weapon. The officer is entitled to receive, in recognition of the service to the department and the public, a badge that indicates that the officer is retired. Upon retirement, the department shall issue to the police officer an identification card that states the police officer's name and rank at retirement, states the officer's retired status, and notes the officer's authority to retain the service weapon. A police officer described in this subsection is entitled to a lifetime license to carry:
         (1) a handgun under IC 35-47-2-3(e); and
        (2) after December 31, 2006, a rifle or shotgun under IC 35-47-2.8-6(d).

SOURCE: IC 31-30-1-4; (06)IN1417.1.5. -->     SECTION 5. IC 31-30-1-4 IS AMENDED TO READ AS FOLLOWS [EFFECTIVE JULY 1, 2006]: Sec. 4. (a) The juvenile court does not have jurisdiction over an individual for an alleged violation of:
        (1) IC 35-42-1-1 (murder);
        (2) IC 35-42-3-2 (kidnapping);
        (3) IC 35-42-4-1 (rape);
        (4) IC 35-42-4-2 (criminal deviate conduct);
        (5) IC 35-42-5-1 (robbery) if:
            (A) the robbery was committed while armed with a deadly weapon; or
            (B) the robbery results in bodily injury or serious bodily injury;
        (6) IC 35-42-5-2 (carjacking);
        (7) IC 35-45-9-3 (criminal gang activity);
        (8) IC 35-45-9-4 (criminal gang intimidation);
        (9) IC 35-47-2-1 (carrying a handgun without a license);
         (10) after December 31, 2006, IC 35-47-2.8-4 (carrying a rifle or shotgun without a license);
        
(10) (11) IC 35-47-10 (children and firearms);
        (11) (12) IC 35-47-5-4.1 (dealing in a sawed-off shotgun); or
        (12) (13) any offense that may be joined under IC 35-34-1-9(a)(2) with any crime listed in subdivisions (1) through (11); (12);
if the individual was at least sixteen (16) years of age at the time of the alleged violation.
    (b) The juvenile court does not have jurisdiction for an alleged violation of manufacturing or dealing in cocaine, a narcotic drug, or methamphetamine (IC 35-48-4-1), dealing in a schedule I, II, or III controlled substance (IC 35-48-4-2), or dealing in a schedule IV controlled substance (IC 35-48-4-3), if:
        (1) the individual has a prior unrelated conviction under IC 35-48-4-1, IC 35-48-4-2, or IC 35-48-4-3; or
        (2) the individual has a prior unrelated juvenile adjudication that, if committed by an adult, would be a crime under IC 35-48-4-1, IC 35-48-4-2, or IC 35-48-4-3;
and the individual was at least sixteen (16) years of age at the time of the alleged violation.
    (c) Once an individual described in subsection (a) has been charged with any crime listed in subsection (a)(1) through (a)(15), (a)(13), the court having adult criminal jurisdiction shall retain jurisdiction over the case even if the individual pleads guilty to or is convicted of a lesser included offense. A plea of guilty to or a conviction of a lesser included offense does not vest jurisdiction in the juvenile court.
SOURCE: IC 33-28-4-8; (06)IN1417.1.6. -->     SECTION 6. IC 33-28-4-8, AS AMENDED BY P.L.1-2005, SECTION 216, IS AMENDED TO READ AS FOLLOWS [EFFECTIVE JULY 1, 2006]: Sec. 8. (a) A person shall be excused from acting as a juror if the person:
        (1) is at least sixty-five (65) years of age;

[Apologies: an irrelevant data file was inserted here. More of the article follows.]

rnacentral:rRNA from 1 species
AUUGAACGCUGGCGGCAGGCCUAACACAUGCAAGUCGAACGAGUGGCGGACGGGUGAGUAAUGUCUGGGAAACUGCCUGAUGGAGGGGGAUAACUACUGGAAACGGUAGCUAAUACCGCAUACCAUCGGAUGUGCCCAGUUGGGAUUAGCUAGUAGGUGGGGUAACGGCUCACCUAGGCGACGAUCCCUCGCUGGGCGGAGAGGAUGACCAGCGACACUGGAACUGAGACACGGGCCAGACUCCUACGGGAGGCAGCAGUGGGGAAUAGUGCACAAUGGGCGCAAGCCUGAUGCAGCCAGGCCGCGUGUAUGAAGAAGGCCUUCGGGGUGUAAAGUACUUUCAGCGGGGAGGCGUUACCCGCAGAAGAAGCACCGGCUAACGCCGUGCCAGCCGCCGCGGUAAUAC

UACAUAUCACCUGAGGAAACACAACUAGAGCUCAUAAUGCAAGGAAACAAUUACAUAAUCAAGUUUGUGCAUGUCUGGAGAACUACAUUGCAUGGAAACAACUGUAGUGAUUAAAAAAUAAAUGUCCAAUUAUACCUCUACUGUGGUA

(2) is a member in active service of the armed forces of the United States;
        (3) is an elected or appointed official of the executive, legislative, or judicial branches of government of:
            (A) the United States;
            (B) Indiana; or
            (C) a unit of local government;
        who is actively engaged in the performance of the person's official duties;
        (4) is a member of the general assembly who makes the request to be excused before being sworn as a juror;
        (5) is an honorary military staff officer appointed by the governor under IC 10-16-2-5;
        (6) is an officer or enlisted person of the guard reserve forces authorized by the governor under IC 10-16-8;
        (7) is a veterinarian licensed under IC 15-5-1.1;
        (8) is serving as a member of the board of school commissioners of the city of Indianapolis under IC 20-25-3-3;
        (9) is a dentist licensed under IC 25-14-1;
        (10) is a member of a police or fire department or company under IC 36-8-3 or IC 36-8-12; or
        (11) would serve as a juror during a criminal trial and the person is:
            (A) an employee of the department of correction whose duties require contact with inmates confined in a department of correction facility; or
            (B) the spouse or child of a person described in clause (A);
and desires to be excused for that reason.
    (b) A prospective juror is disqualified to serve on a jury if any of the following conditions exist:
        (1) The person is not a citizen of the United States, at least eighteen (18) years of age, and a resident of the county.
        (2) The person is unable to read, speak, and understand the English language with a degree of proficiency sufficient to fill out satisfactorily a juror qualification form.
        (3) The person is incapable of rendering satisfactory jury service due to physical or mental disability. However, a person claiming this disqualification may be required to submit a physician's or authorized Christian Science practitioner's certificate confirming the disability, and the certifying physician or practitioner is then subject to inquiry by the court at the court's discretion.